The Central Processing Unit (CPU): Crash Course Computer Science #7
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The Central Processing Unit (CPU): Crash Course Computer Science #7


Hi, I’m Carrie Anne, this is Crash Course Computer Science, and today, we’re talking about processors. Just a warning though – this
is probably the most complicated episode in the series. So once you get this, you’re golden. We’ve already made a Arithmetic and Logic
Unit, which takes in binary numbers and performs calculations, and we’ve made two types of
computer memory: Registers — small, linear chunks of memory, useful for storing a single value — and then we scaled up, and made some RAM, a larger bank of memory that can store a lot of numbers located at different addresses. Now it’s time to put it all together and
build ourselves the heart of any computer, but without any of the emotional baggage that comes with human hearts. For computers, this is the Central Processing Unit, most commonly called the CPU. INTRO A CPU’s job is to execute programs. Programs, like Microsoft Office, Safari, or your beloved copy of Half Life: 2, are made up of a series of individual operations, called instructions, because they “instruct” the computer what to do. If these are mathematical instructions, like
add or subtract, the CPU will configure its ALU to do the mathematical operation. Or it might be a memory instruction, in which case the CPU will talk with memory to read and write values. There are a lot of parts in a CPU, so we’re going to lay it out piece by piece, building up as we go. We’ll focus on functional blocks, rather
than showing every single wire. When we do connect two components with a line, this is an abstraction for all of the necessary wires. This high level view is called the microarchitecture. OK, first, we’re going to need some memory. Lets drop in the RAM module we created last episode. To keep things simple, we’ll assume it only has 16 memory locations, each containing 8 bits. Let’s also give our processor four, 8-bit
memory registers, labeled A, B, C and D which will be used to temporarily store and manipulate values. We already know that data can be stored in memory as binary values and programs can be stored in memory too. We can assign an ID to each instruction supported by our CPU. In our hypothetical example, we use the first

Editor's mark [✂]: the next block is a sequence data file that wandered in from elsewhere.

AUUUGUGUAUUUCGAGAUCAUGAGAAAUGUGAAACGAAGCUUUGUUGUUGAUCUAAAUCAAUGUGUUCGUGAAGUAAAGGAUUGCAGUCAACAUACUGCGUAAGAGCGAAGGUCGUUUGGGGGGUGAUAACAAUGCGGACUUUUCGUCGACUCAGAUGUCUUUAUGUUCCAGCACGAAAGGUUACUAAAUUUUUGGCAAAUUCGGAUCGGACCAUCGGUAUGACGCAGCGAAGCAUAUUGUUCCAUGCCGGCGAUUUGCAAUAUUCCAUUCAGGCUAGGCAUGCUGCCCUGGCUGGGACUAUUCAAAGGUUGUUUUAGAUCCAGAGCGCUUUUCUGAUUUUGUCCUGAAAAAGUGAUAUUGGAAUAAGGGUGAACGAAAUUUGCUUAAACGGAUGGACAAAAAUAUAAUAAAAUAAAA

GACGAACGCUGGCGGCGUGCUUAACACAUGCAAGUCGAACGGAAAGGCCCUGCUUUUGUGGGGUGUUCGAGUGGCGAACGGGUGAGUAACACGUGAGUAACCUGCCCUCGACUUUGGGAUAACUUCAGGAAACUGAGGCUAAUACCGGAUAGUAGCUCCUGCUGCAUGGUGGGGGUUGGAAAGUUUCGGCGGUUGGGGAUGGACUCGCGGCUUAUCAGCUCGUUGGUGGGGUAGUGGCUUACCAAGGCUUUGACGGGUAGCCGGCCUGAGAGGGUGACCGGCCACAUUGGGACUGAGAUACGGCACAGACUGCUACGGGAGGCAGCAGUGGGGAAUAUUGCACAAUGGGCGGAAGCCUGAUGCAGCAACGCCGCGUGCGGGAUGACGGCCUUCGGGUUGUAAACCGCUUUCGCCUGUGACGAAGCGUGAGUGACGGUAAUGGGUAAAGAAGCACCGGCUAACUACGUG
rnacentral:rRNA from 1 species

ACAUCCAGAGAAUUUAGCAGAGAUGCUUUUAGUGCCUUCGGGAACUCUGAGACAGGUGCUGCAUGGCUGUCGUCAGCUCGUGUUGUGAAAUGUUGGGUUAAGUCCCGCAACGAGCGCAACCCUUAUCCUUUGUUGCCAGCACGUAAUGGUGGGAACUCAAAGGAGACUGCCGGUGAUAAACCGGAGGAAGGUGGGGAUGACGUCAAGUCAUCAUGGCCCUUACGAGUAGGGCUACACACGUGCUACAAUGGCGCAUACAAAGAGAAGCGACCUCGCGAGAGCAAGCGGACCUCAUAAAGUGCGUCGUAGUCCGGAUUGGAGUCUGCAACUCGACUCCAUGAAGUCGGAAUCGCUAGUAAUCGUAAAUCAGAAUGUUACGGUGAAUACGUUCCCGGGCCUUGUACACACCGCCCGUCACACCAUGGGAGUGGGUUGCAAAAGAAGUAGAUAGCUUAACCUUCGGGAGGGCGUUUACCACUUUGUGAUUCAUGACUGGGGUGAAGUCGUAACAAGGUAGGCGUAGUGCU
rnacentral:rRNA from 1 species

four bits to store the “operation code”, or opcode for short. The final four bits specify where the data for that operation should come from – this could be registers or an address in memory. We also need two more registers to complete our CPU. First, we need a register to keep track of where we are in a program. For this, we use an instruction address register, which as the name suggests, stores the memory address of the current instruction. And then we need the other register to store the current instruction, which we’ll call the instruction register. When we first boot up our computer, all of
our registers start at 0. As an example, we’ve initialized our RAM with a simple computer program that we’ll to through today. The first phase of a CPU’s operation is
called the fetch phase. This is where we retrieve our first instruction. First, we wire our Instruction Address Register to our RAM module. The register’s value is 0, so the RAM returns whatever value is stored in address 0. In this case, 0010 1110. Then this value is copied into our instruction register. Now that we’ve fetched an instruction from
memory, we need to figure out what that instruction is so we can execute it. That is run it. Not kill it. This is called the decode phase. In this case the opcode, which is the first four bits, is: 0010. This opcode corresponds to the “LOAD A” instruction, which loads a value from RAM into Register A. The RAM address is the last four bits of our instruction which are 1110, or 14 in decimal. Next, instructions are decoded and interpreted by a Control Unit. Like everything else we’ve built, it too is made out of logic gates. For example, to recognize a LOAD A instruction, we need a circuit that checks if the opcode matches 0010 which we can do with a handful of logic gates. Now that we know what instruction we’re dealing with, we can go ahead and perform that instruction which is the beginning of the execute phase! Using the output of our LOAD_A checking circuit, we can turn on the RAM’s read enable line and send in address 14. The RAM retrieves the value at that address, which is 00000011, or 3 in decimal. Now, because this is a LOAD_A instruction,
we want that value to only be saved into Register A and not any of the other registers. So if we connect the RAM’s data wires to our four data registers, we can use our LOAD_A check circuit to enable the write enable only for Register A. And there you have it — we’ve successfully loaded the value at RAM address 14 into Register A. We’ve completed the instruction, so we